Guest Contribution by Frank Bry
Check out part 1 of The Making of Thunderstorm 3 SFX here.
In this second and final article I will discuss microphone patterns, recording device pre amp settings, editing and the final mastering phase of this collection. Before I dive into all the technical mumbo jumbo I want to express that when I’m setting up and actually recording thunder and lightning I get quite excited. There must be something in the air, alien mind control beams or just the anticipation of getting the “ultimate” thunder clap or lightning strike. It’s very hard work and involves exercise, listening, tracking the storms and watching the skies. I feel like a kid in a candy shop and I feel the recording is the easy part. So, now we begin. Part 2: The Real Work Begins.
It has been a little while since the last SFX Independence post. So many new sfx libraries have come to our attention during that time that this roundup comes in two parts, designed to make it more digestible. Part 2 will follow later in the week.
Our aim is to provide readers information about the best and most innovative independent sound effects library available, so if you’d like your recently-released library to be considered for inclusion in the next roundup, all you need to do is fill in the Independent SFX Library submission form.
Tim Nielsen – Yellowstone
The Yellowstone SFX Library comprises 120 stereo tracks, recorded at 96/24 by supervising sound editor and sound designer Tim Nielsen. This 8GB pack of sounds from the Yellowstone geothermal volcano in Wyoming, USA, includes giant geysers, bubbling mud pots, fumaroles, hot springs, water streams and more.
Recorded using a SoundDevices 722, using Schoeps MS rig (CMC6 XT extended frequency bodies with an MK41/MK8 Capsule setup) and a Telinga Stereo Parabolic microphone.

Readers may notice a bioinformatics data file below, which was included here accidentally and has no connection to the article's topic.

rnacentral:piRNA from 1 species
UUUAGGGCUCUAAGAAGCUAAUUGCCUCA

Released: August 2014
Tim Nielsen on IMDB
Guest Contribution by Frank Bry
In this article I will reveal my secrets and techniques to recording decent thunder and lightning. Many, many years and sleepless nights have gone into perfecting the art of recording the thunderstorm and I will finally share. But first, I want to share a little history and tell you how I developed these secrets and techniques. It was not so easy at first and here’s the story I’m still alive to tell. Part 1: Live and Learn.
Animal Sound Design and Recording Month is coming to a close so we thought it would be neat to do a roundup of just a few of the indie SFX libraries out there that have great animal recordings.
(Disclaimer: I sourced suggestions from the Twitter community and my own experience so this list is not intended be comprehensive, simply a few strong suggestions. If you feel there is a fantastic library that we left off this list; please post it in the comments!)
In the last year, we’ve all been happy to see the slow emergence of software tools designed explicitly for sound design. The fine folks over at Tonsturm are the latest to release one such tool under the moniker Melted Sounds. Whoosh is a Reaktor based plug-in for designing, as implied by its name, complex and varied motion elements and pass-bys. The basic idea behind the tool is similar to a post here on Designing Sound by Charles Deenen, which was later built into a Kyma patch by Jean-Edouard Miclot. Whoosh simplifies the process of setting up this kind of processing chain yourself. If you’ve got Reaktor, you simply load the ensemble. The source material included with tool comes from some of the best independent sound effects libraries out there. Seriously, the list is hard to ignore. Sounds have been licensed from: Chuck Russom, Colin Hart, Tim Prebble, Jean-Edouard Miclot, Michael Raphael, Mikkel Nielsen, and Frank Bry…not to mention sounds from Tonsturm itself. It’s safe to assume that it sounds good…even if I weren’t about to tell you exactly that. Ultimately, deciding if it is a worthy addition to your toolbox is something we each have to decide individually. There are a lot of tools out there, and we all have our priorities. So, a review should be about its potential impact on workflow. Does it allow you a depth of control similar to Charles’ process at a comparable (or improved) speed?
Let’s take a look at what Whoosh can do.